Scientists consider termites to be a branch of the cockroaches that developed a social lifestyle. In the millions of years since they diverged, termites have developed many characteristics that differentiate them from cockroaches such as laying eggs singly rather than packaged in an egg case or ootheca. However, the primitive cockroach Mastotermes darwiniensis produces a cockroach type of ootheca and has a many homologies to cockroaches in its reproductive system. Unlike other groups of insects with an external ovipositor, in both cockroaches and these termites, the ovipositor terminates inside the termite in a pouch called the vestibulum. Inside the vesitbulum, the eggs are packaged and coated with secretions. In the past decade, relationships between cockroaches and termites have been confirmed in much greater detail by molecular data.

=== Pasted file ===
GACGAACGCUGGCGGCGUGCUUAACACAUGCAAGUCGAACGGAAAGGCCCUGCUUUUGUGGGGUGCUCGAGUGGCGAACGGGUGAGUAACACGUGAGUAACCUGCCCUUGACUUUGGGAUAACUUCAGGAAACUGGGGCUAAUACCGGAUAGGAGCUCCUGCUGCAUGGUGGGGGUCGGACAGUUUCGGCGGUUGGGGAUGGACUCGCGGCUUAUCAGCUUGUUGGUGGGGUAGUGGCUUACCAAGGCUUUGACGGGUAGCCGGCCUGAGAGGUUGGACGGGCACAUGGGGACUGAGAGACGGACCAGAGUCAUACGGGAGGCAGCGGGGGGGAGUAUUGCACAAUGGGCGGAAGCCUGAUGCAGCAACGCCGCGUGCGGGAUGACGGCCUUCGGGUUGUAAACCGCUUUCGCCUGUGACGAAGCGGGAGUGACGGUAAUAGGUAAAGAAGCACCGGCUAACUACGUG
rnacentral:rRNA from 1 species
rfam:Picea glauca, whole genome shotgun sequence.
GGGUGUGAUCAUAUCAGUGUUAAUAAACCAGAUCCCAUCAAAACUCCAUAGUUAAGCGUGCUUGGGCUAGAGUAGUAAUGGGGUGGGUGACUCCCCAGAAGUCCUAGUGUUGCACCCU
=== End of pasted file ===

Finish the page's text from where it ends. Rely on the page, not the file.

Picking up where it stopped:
*C. A. Nalepa and M. Lenz. The ootheca of Mastotermes darwiniensis: Homology with cockroach oothecae. Proc. R. Soc. Lond. B (2000) 267, 1809^1813